Blazing an Unmanned Trail
By Brian Wise
Senior Test Officer, Unmanned Vehicle Division, Automotive Directorate
At ATEF, a Soldier operates a truck equipped with AMAS-BWASK to assess the situational awarness abd active safety capabilities of the system.
Adaptive cruise control, lane change alerts, assisted parking, emergency brake assist, collision avoidance, and pedestrian detection are becoming widespread on our highways, making the roads safer through technology. One automaker has publicly declared its vision that by 2020, nobody should be seriously injured or killed in one of their new cars. How can these technologies protect Soldiers on the battlefield? ATC, the Army’s premier automotive test center, is putting military versions of these systems to the test.
Active safety features and autonomous vehicle technology are focal points of the Autonomous Mobility Appliqué System (AMAS) test program at ATC. An “appliqué system” offers technology which complements and enhances an existing vehicle platform. Features of the AMAS By-Wire Active Safety Kit (BWASK) include lane departure warning/assist, forward and rear collision warning/assist, blind spot monitoring, adaptive cruise control, and hill hold and descent control. Using radar and camera input, AMAS-BWASK senses the surrounding conditions and obstacles and independently controls the throttle, applies the brakes, and provides assistive steering to the driver. For the Federal Highway Administration, ATC is also testing some vehicles for adaptive cruise control using inter-vehicular communication.
ATC’s Automotive Technology Evaluation Facility (ATEF) experts tested the AMAS-BWASK driver warning and assist functions using four heavy-duty Army tractor trucks and two Army flatbed semitrailers. The test crew used plastic vehicle targets with metallic enhancements and robotic devices to represent pedestrians, vehicles, and traffic. ATEF drivers, data collectors, mechanics, technicians, and engineers first tested the vehicles equipped with AMAS-BWASK in various scenarios to gather system characteristics data and identify any safety hazards. Once all safety concerns were rectified, system demonstrations were performed by five U.S. Army Soldiers. The Soldiers provided valuable feedback for future system development.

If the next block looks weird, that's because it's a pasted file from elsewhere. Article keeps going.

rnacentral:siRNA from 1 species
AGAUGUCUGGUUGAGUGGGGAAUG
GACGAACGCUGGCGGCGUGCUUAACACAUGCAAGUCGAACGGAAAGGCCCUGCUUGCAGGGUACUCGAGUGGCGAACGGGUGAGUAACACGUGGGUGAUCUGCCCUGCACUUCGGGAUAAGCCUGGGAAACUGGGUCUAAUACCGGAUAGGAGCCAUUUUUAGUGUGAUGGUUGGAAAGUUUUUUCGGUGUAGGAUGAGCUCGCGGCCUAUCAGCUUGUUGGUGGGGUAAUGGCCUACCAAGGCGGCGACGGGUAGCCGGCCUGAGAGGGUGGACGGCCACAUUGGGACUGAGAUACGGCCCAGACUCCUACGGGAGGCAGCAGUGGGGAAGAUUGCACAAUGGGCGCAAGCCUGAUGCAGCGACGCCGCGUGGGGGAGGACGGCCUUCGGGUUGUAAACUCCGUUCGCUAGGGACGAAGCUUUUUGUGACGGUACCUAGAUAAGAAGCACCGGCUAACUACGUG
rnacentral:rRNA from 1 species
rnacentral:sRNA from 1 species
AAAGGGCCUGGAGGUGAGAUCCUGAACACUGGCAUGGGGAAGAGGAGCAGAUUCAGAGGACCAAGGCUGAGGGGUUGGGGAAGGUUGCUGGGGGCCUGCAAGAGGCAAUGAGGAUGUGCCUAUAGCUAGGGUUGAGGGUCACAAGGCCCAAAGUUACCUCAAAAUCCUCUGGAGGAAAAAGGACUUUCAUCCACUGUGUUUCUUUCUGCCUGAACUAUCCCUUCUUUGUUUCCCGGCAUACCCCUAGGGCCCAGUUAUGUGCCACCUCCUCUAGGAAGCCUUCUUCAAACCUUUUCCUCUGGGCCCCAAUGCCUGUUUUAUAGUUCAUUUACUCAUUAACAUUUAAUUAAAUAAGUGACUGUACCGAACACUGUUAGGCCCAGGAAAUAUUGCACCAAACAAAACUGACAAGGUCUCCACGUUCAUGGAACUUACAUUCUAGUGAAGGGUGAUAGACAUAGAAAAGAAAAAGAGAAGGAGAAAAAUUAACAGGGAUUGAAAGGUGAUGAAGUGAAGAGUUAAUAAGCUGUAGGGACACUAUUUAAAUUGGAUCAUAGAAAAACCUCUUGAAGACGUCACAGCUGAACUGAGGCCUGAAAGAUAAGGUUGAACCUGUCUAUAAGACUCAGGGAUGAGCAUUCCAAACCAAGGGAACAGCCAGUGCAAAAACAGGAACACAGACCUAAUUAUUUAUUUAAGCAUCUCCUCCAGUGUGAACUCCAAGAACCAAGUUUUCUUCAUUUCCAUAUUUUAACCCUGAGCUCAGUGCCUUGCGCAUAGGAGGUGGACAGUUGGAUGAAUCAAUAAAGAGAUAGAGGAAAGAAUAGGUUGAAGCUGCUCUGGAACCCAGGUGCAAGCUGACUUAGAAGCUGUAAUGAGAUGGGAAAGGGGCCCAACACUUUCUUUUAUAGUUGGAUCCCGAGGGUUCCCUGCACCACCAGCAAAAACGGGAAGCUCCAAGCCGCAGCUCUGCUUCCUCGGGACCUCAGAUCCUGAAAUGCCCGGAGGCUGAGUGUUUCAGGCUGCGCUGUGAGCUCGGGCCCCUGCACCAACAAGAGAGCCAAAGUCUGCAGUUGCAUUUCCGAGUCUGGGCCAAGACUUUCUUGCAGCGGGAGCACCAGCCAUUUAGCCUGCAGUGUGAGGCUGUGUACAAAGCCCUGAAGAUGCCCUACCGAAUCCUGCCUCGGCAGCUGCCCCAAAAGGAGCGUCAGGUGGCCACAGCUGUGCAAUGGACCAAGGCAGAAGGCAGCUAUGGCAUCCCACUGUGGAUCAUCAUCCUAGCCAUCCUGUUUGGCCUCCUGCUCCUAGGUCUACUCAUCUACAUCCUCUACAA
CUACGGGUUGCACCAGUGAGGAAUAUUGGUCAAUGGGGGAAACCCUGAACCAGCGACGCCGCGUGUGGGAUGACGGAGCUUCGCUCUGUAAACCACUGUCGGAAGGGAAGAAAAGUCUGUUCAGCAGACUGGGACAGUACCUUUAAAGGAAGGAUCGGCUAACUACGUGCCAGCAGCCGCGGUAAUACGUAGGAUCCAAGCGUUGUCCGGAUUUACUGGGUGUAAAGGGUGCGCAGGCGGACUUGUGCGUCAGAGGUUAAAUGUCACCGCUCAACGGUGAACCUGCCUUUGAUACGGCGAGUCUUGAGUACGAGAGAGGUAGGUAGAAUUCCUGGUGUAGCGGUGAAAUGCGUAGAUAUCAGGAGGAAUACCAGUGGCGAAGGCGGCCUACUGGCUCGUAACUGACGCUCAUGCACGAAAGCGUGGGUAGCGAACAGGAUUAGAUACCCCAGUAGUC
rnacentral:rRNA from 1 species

The test proceedings culminated with a VIP event held at the ATEF Paved Wide Section and attended by representatives of various Army Acquisition organizations. The test sponsor, U.S. Army Tank Automotive Research, Development and Engineering Center, ATC leadership, and test personnel oversaw the Soldier demonstrations of the vehicles equipped with AMAS-BWASK, including a ride-along portion. Along with tractor trucks and semitrailers, the U.S. Army Armament Research, Development and Engineering Center made available an autonomous Light Capability Rough Terrain Forklift and a Rough Terrain Container Handler with container alignment assist to demonstrate a more complete logistic scenario. The forklift and container handler were used to load the trailers being pulled by the tractors.
The goal of the AMAS test program, to save lives by preventing accidents and removing Soldiers from harm’s way, goes hand in hand with reduced equipment damage and increased efficiency in logistics, manpower, and fuel. Future AMAS development will include such advanced features as leader/follower and autonomous convoy operations.